In the end, Maryland’s newly ascendant junior senator got what he wanted.
The unanimous passing Tuesday of the Iran Nuclear Review Act of 2015, referred to colloquially as the Corker bill after its chief sponsor, by the Senate Foreign Relations Committee marked an important first test of Democratic Sen. Ben Cardin’s ability to negotiate the conflicting minefields of White House pressure and Republican resistance as the committee’s ranking member.
Cardin is now among the most visible Jewish legislators on Capitol Hill, thrust into the spotlight upon replacing Sen. Robert Menendez (D-N.J.), who is under federal indictment for suspected influence peddling.
Working in tandem with the committee’s chairman, Sen. Robert Corker (R-Tenn.), and convincing less-than-pleased senators to withhold certain amendments — 52 were filed, but only one was brought to vote during the markup session — showcased Cardin’s ability to compromise on legislation that, if approved by both chambers of Congress, would submit any final nuclear deal reached between the Obama administration and Iran to congressional review.
Cardin and Corker’s compromise brought together Sens. Marco Rubio (R-Fla.), a newly announced GOP presidential contender, and Barbara Boxer (D-Calif.) on language pertaining to Israel’s safety, security and right to exist.
Boxer, who initially opposed the bill as undermining the administration’s ability to negotiate, said, “I believe this bill has been changed from a point where I did not support it to the point where I can.”
At a briefing Tuesday morning, White House spokesman Josh Earnest indicated that the president is willing to sign the proposed compromise. Corker claimed victory, telling The Hill that the administration backed down from its promised veto after realizing the “number of senators [who] were going to support this legislation.”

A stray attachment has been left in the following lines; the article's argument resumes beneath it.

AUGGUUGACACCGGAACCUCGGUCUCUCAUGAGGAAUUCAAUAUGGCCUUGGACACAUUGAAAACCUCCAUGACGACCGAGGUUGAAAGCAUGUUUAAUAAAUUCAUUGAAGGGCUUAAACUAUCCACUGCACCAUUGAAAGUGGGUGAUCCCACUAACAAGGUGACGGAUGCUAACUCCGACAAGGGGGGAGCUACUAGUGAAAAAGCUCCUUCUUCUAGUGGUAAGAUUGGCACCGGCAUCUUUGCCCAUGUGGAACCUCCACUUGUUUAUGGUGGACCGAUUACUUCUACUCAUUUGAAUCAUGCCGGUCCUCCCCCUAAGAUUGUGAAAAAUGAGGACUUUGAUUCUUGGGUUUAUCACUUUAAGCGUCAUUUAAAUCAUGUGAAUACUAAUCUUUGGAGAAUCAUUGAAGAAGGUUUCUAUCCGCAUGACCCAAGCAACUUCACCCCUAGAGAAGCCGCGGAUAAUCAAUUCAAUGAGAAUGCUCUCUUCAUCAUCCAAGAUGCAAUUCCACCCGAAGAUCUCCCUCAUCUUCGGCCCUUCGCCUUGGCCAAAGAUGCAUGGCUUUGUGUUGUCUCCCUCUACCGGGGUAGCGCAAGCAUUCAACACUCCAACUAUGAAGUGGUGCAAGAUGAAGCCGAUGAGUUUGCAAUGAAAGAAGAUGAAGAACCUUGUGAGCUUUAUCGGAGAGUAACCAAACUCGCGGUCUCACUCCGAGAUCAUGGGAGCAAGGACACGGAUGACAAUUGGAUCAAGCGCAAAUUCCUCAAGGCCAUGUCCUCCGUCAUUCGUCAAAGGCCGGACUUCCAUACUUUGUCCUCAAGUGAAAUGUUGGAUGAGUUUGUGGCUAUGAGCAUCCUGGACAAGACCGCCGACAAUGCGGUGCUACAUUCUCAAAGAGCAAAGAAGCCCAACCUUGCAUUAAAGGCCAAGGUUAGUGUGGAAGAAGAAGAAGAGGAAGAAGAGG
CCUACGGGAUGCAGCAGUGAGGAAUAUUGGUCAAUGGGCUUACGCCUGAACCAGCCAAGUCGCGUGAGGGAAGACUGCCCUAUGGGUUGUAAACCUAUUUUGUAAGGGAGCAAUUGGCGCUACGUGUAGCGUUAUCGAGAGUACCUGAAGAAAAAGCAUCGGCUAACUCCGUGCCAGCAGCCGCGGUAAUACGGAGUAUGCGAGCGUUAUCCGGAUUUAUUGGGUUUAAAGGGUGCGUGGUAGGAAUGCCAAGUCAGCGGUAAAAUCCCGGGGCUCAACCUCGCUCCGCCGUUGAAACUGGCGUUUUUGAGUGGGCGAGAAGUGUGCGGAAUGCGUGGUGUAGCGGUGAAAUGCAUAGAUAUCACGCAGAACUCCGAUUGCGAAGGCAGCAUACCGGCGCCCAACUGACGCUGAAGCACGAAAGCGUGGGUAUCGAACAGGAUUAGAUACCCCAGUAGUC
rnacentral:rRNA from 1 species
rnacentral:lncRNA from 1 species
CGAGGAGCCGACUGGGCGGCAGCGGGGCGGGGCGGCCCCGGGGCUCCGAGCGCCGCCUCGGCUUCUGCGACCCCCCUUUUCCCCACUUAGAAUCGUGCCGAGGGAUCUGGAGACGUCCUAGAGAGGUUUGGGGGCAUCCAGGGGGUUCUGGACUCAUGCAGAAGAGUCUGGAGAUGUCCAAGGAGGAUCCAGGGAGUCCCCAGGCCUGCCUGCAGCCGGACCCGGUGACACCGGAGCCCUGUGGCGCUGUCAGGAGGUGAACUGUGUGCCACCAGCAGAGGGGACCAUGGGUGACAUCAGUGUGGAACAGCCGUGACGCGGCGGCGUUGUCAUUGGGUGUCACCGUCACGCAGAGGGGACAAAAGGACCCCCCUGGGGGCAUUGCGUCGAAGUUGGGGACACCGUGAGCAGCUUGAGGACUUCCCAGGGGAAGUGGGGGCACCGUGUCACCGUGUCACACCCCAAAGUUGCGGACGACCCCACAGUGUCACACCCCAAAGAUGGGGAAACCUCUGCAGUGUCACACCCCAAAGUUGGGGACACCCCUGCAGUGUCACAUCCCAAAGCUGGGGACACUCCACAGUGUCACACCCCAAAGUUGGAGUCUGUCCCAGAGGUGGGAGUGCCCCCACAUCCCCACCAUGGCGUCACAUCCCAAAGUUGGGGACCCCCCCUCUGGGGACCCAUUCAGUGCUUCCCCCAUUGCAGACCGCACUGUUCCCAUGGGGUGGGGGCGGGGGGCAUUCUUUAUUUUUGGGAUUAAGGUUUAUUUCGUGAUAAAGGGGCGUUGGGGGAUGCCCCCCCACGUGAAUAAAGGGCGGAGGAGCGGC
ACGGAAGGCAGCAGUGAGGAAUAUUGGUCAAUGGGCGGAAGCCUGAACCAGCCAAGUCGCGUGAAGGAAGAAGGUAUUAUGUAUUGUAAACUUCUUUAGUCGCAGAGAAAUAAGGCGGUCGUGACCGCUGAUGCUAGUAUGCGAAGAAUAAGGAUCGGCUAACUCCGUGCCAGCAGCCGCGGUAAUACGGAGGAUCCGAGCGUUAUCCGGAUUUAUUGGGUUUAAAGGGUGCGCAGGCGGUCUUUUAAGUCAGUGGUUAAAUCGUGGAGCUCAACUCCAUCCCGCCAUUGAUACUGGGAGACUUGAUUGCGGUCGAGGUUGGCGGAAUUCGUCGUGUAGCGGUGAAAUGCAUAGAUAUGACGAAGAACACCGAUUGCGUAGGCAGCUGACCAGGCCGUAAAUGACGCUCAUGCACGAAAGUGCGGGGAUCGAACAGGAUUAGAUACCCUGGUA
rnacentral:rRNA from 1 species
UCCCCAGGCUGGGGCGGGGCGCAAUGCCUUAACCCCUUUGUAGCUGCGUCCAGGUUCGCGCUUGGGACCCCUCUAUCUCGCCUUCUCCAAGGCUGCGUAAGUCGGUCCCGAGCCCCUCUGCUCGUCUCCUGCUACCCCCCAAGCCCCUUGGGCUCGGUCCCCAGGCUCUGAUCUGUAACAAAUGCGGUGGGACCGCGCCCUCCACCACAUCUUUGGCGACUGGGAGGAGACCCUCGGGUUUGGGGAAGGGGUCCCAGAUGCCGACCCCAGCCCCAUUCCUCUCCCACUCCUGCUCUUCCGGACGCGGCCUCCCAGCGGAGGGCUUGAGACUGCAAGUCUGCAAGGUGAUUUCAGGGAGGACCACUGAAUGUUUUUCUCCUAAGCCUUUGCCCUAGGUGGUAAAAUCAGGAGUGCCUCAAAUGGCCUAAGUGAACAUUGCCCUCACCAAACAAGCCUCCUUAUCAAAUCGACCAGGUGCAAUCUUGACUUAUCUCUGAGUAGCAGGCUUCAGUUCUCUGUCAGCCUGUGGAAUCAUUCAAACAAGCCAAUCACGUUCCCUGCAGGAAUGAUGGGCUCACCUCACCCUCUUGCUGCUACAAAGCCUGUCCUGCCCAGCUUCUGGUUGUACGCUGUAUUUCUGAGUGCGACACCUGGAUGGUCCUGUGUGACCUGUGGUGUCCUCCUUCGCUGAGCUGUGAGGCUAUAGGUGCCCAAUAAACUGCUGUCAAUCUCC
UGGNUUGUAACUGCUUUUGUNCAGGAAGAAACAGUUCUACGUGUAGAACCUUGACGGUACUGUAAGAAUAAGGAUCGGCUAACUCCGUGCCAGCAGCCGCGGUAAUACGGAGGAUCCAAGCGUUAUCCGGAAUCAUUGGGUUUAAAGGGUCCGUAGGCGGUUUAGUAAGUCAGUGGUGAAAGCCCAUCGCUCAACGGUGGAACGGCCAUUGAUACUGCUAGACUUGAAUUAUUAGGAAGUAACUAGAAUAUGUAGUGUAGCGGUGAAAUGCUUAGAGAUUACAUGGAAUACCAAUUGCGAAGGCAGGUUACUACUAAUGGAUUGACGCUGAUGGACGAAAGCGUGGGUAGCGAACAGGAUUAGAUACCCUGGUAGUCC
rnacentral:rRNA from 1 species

As part of the compromise, an initial 60-day review period of any Iran deal — which was proposed by Corker and Menendez — was reduced. Assuming that a deal is delivered on time, defined as July 10, Congress will get 30 days to review the arrangement and vote on lifting economic sanctions, a key demand of Iranian negotiators. Twelve days will automatically be added if Congress sends a sanctions-related bill to the president. If the legislation is vetoed, 10 further days will be added to the review period.
In the event that the deadline to submit a final agreement to Congress is not met, the review period reverts to 60 days. During the review period, the president cannot waive sanctions put in place by Congress.
The legislation also mandates a presidential certification every 90 days that Iran is in compliance with the terms of a final agreement. Should Iran be found to have violated the terms of an agreement, Congress would snap sanctions back into place.
“We’ve eliminated from the original draft certain presidential certifications that were not [directly related to Iran’s nuclear ambitions],” said Cardin.